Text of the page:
Authorities have charged a Tasmania jumping castle operator nearly two years after an incident at a primary school that left six children dead.
Three others were seriously injured during the 2021 tragedy in Devonport.
Taz-Zorb, the company at the centre of the incident, has now been accused of failing in its health and safety duties.
Here’s what you need to know.
Jumping castle incident
Hillcrest Primary School students in Tasmania’s north were celebrating the end of the school year when a gust of wind lifted a jumping castle into the air.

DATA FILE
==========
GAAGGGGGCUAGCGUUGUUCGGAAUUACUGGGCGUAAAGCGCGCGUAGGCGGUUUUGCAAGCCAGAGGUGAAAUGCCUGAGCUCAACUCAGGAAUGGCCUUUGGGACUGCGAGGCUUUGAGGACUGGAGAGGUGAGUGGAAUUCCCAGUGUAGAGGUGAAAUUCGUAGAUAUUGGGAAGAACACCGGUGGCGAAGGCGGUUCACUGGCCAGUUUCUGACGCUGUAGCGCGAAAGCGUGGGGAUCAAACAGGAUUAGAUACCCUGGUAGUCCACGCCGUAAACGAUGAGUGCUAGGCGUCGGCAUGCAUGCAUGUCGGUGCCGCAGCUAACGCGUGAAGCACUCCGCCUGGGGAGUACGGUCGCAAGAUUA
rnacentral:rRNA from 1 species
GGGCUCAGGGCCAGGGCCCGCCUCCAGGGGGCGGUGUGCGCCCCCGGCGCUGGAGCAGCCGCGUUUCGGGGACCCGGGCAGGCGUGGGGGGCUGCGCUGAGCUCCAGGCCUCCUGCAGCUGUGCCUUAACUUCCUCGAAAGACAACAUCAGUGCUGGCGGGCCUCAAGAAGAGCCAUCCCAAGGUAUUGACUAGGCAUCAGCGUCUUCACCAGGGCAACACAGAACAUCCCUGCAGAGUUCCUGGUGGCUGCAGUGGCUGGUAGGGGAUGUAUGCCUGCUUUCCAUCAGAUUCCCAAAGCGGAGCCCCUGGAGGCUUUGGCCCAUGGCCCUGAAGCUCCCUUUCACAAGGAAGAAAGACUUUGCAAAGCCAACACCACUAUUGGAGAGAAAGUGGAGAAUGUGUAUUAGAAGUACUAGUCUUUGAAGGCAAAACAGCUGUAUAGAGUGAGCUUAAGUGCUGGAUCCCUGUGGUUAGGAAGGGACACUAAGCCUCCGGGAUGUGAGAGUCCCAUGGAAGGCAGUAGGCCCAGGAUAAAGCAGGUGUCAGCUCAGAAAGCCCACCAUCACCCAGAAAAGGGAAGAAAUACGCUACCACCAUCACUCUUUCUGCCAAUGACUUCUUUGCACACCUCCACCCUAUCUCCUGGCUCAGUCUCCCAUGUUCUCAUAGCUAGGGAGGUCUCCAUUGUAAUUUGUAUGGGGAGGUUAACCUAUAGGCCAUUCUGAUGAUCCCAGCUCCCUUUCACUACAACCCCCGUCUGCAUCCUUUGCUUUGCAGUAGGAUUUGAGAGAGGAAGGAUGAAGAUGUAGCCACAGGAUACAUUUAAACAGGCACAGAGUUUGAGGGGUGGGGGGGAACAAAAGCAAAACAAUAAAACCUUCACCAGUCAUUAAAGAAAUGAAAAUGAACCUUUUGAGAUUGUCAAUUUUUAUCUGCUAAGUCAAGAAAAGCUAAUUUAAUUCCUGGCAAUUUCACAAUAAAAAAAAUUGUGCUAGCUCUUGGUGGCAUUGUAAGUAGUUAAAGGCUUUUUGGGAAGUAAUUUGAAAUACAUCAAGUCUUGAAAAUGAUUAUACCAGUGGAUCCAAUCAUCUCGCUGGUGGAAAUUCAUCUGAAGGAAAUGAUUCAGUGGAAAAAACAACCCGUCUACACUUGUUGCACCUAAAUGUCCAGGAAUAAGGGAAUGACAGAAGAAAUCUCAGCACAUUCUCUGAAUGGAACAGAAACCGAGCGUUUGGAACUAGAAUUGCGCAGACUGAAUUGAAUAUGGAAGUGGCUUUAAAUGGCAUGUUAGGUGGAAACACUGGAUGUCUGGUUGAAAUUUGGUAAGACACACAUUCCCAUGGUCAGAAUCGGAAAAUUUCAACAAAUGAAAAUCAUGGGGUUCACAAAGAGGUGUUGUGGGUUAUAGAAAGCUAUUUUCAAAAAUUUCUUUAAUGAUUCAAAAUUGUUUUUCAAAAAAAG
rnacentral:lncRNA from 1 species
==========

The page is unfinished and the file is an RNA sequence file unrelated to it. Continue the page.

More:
The children inside the castle fell from an estimated height of 10 metres.
The incident triggered an outpouring of grief. The Hillcrest community raised nearly $1 million for friends and family of the six children who died.
Tasmania‘s Director of Public Prosecutions has filed a complaint over the jumping castle incident in the Devonport Magistrates Court. It’s alleging Taz-Zorb failed in its health and safety issues, “in a way that exposed the children to a risk of death or serious injury.”
The charges follow a “significant” investigation by WorkSafe Tasmania, the state’s workplace safety watchdog.
Taz-Zorb faces penalties of up to $1.5 million dollars.